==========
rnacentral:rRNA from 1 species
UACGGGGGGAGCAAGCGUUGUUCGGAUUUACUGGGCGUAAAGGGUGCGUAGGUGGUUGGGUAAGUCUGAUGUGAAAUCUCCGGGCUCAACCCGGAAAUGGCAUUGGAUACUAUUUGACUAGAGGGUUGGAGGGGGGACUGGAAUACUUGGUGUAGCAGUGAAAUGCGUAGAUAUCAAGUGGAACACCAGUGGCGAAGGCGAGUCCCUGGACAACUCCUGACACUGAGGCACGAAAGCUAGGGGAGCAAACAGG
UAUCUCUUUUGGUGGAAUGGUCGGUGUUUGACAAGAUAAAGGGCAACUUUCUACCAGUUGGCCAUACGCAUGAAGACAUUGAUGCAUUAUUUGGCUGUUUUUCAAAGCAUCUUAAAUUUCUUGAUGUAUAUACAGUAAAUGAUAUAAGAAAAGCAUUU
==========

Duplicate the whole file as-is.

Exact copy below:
rnacentral:rRNA from 1 species
UACGGGGGGAGCAAGCGUUGUUCGGAUUUACUGGGCGUAAAGGGUGCGUAGGUGGUUGGGUAAGUCUGAUGUGAAAUCUCCGGGCUCAACCCGGAAAUGGCAUUGGAUACUAUUUGACUAGAGGGUUGGAGGGGGGACUGGAAUACUUGGUGUAGCAGUGAAAUGCGUAGAUAUCAAGUGGAACACCAGUGGCGAAGGCGAGUCCCUGGACAACUCCUGACACUGAGGCACGAAAGCUAGGGGAGCAAACAGG
UAUCUCUUUUGGUGGAAUGGUCGGUGUUUGACAAGAUAAAGGGCAACUUUCUACCAGUUGGCCAUACGCAUGAAGACAUUGAUGCAUUAUUUGGCUGUUUUUCAAAGCAUCUUAAAUUUCUUGAUGUAUAUACAGUAAAUGAUAUAAGAAAAGCAUUU